to decide "if that negative publicity is hurting them in selling products to
financial institutions, security products to government or any of their
other customers."

North Canton, Ohio-based Diebold jumped into e-voting in 2002, when it
acquired Global Election Systems. It had some prior experiences with
electronic voting through its Procomp business in Brazil.

The elections business was good for 8 percent of Diebold revenue and about
12 percent of profit last year, but some of that is from Diebold's voting
and lottery contracts in Brazil.

By comparison, the ATM segment produced about 65 percent of the company's
revenue and 63 percent of profit in 2006. Safes have evolved into Diebold's
second biggest segment, now called "security solutions." It makes various
devices and systems for business and government security. Last year it gave
Diebold about 27 percent of its revenue and 25 percent of its profit.

If profit is the key measure for Diebold, the voting business would seem to
be a good fit. But for this segment, a 2006 gross profit (before taxes,
costs and expenses) on products and service of about $83.5 million isn't the
whole story.

"I've been surprised that Diebold has stayed in the voting business for this
long, considering the size of the company and the other sources of revenue,"
said Avi Rubin, a computer scientist at Johns Hopkins University and a
frequent foe of Diebold voting systems' programming. Rubin is director of
ACCURATE, an e-voting research organization funded by the National Science

Diebold has always defended its voting machines and its own intentions, even
after its former chairman and chief executive, Wally O'Dell, sought with
little success to convince critics his strong ties with Republican politics
as a fundraiser for George W. Bush were not the motive for the company's
involvement in elections.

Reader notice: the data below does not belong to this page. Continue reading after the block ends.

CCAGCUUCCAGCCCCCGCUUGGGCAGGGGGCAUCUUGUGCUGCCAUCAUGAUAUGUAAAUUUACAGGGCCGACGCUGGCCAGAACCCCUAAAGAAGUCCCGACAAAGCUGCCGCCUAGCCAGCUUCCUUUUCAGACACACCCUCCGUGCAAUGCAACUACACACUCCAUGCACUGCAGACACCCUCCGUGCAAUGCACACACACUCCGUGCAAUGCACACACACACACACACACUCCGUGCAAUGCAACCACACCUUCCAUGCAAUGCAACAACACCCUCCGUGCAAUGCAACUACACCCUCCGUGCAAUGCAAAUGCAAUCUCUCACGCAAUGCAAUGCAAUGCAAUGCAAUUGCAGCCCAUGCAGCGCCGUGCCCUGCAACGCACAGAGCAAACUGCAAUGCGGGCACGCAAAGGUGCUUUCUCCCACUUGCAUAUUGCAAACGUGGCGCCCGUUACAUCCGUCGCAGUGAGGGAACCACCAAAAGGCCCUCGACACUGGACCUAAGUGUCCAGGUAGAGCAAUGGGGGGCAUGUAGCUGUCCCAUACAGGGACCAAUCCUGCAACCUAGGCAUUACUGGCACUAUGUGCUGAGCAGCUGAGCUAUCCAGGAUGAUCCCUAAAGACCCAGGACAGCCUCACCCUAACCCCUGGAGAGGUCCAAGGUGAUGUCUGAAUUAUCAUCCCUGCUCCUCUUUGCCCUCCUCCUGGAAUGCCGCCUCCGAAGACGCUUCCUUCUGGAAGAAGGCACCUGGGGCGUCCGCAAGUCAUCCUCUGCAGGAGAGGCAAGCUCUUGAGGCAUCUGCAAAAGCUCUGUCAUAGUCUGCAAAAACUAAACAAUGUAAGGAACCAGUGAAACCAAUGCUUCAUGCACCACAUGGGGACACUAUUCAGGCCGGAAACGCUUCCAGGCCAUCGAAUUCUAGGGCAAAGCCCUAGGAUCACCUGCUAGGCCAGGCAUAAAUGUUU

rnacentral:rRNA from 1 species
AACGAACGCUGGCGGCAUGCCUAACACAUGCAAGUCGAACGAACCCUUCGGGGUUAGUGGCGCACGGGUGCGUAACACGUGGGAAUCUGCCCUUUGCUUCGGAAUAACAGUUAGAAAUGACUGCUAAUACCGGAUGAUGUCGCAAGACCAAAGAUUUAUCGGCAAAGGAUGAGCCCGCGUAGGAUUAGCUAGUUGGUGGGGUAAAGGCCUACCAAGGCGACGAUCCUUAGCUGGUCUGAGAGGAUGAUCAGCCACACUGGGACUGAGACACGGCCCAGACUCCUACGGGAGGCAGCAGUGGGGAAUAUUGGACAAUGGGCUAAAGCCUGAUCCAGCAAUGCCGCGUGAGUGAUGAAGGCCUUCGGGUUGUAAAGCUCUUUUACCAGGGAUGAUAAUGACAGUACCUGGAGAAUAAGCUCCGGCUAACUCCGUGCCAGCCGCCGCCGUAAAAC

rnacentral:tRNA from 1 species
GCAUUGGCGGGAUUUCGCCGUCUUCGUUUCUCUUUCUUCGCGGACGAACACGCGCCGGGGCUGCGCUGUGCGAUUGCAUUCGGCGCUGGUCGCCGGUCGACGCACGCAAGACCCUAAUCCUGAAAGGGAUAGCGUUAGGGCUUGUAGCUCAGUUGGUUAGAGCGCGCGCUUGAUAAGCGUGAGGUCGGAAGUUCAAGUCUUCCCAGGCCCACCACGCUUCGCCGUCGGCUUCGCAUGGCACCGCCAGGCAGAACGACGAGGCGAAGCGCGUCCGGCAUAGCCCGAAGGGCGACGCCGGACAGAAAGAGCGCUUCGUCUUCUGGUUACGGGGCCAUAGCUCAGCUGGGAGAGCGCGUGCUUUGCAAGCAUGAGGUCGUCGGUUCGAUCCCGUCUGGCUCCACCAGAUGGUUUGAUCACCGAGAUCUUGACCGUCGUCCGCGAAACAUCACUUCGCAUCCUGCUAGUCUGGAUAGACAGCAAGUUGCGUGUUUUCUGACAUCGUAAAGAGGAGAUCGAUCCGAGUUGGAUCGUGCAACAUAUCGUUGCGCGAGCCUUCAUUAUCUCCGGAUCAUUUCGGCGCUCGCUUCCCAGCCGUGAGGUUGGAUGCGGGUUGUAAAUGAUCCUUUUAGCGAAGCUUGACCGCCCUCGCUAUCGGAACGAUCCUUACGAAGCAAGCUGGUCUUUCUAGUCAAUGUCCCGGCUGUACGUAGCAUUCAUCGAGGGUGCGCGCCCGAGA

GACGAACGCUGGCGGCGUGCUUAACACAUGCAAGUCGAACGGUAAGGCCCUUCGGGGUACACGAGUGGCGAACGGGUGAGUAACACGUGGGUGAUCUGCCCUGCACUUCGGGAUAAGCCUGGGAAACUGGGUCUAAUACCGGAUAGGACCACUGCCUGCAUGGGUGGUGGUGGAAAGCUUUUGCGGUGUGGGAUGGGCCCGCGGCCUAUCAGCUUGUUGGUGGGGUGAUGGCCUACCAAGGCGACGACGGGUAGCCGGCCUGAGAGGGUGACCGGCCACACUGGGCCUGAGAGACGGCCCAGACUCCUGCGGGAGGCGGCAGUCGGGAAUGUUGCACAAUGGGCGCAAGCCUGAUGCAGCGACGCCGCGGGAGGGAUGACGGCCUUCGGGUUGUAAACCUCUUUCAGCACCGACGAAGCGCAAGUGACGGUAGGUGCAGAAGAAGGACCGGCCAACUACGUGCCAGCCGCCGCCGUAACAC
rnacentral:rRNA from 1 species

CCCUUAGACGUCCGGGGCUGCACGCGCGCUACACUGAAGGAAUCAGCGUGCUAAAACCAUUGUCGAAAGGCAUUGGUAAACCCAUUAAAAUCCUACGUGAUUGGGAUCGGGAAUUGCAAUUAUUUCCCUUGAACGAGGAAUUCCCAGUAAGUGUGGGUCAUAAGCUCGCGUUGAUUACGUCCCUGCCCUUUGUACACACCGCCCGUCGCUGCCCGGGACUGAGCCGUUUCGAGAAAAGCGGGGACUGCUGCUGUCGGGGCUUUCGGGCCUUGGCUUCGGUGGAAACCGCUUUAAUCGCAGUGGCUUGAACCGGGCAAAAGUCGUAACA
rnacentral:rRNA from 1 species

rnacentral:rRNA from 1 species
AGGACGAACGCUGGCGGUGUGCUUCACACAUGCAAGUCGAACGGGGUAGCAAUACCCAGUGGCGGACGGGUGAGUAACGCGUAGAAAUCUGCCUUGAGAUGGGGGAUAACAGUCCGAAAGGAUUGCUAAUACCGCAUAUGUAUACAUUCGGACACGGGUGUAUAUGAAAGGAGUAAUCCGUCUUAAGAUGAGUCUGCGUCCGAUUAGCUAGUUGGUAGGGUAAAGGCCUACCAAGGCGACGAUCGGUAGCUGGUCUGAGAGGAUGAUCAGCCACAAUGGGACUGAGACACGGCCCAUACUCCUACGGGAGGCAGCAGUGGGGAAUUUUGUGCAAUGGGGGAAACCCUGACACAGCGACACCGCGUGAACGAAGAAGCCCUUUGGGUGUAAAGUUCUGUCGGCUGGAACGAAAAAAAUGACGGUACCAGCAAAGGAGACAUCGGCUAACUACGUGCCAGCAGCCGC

O'Dell resigned in 2005 and was replaced by Swidarski, who had been the
company's president and chief operating officer. His main focus has been on
expanding international business for ATMs, a less public business.

Critics remained. About the time of the November elections, HBO aired a
scathing documentary entitled "Hacking Democracy" that again raised
questions about the security of Diebold machines.

Might Diebold choose to keep the voting business and grow it?

"It's a possibility, but I'd assign it a very low probability," Luria said.

Voting machine makers such as Diebold; Election Systems & Software, of
Omaha, Neb.; Sequoia Voting Systems, of Oakland, Calif., and Hart
InterCivic, of Austin, Texas have had the federal Help America Vote Act of
2002 as a sales catalyst. HAVA, with $3.9 billion of funding, urged the
nation to move past punch card voting and hanging chads that delayed the
conclusion of the 2000 presidential election.

ES&S, Sequoia and Hart InterCivic declined comment on a possible Diebold
Election Systems sale.

Douglas E. Rodgers, managing partner and chief executive officer of
Washington-based investment banking firm FOCUS Enterprises Inc., said he has
worked with Diebold executives on recent acquisitions. He could not comment
on Diebold's intentions for voting systems.

Kimball Brace, who closely tracks voting system vendors as president of
Washington-based Election Data Services Inc., said there is uncertainty now
in the elections market, a result of possible legislation setting new
requirements with no promise there will be additional funding.

He couldn't say what Diebold will do.

"If I were in these guy's shoes, I'd be looking close and hard at what I'm
doing in this marketplace," Brace said. "But given the uncertainty, who
would buy it?"

OVC-discuss mailing list
= The content of this message, with the exception of any external
= quotations under fair use, are released to the Public Domain
Received on Sat Mar 31 23:17:04 2007

This archive was generated by hypermail 2.1.8 : Sat Mar 31 2007 - 23:17:09 CDT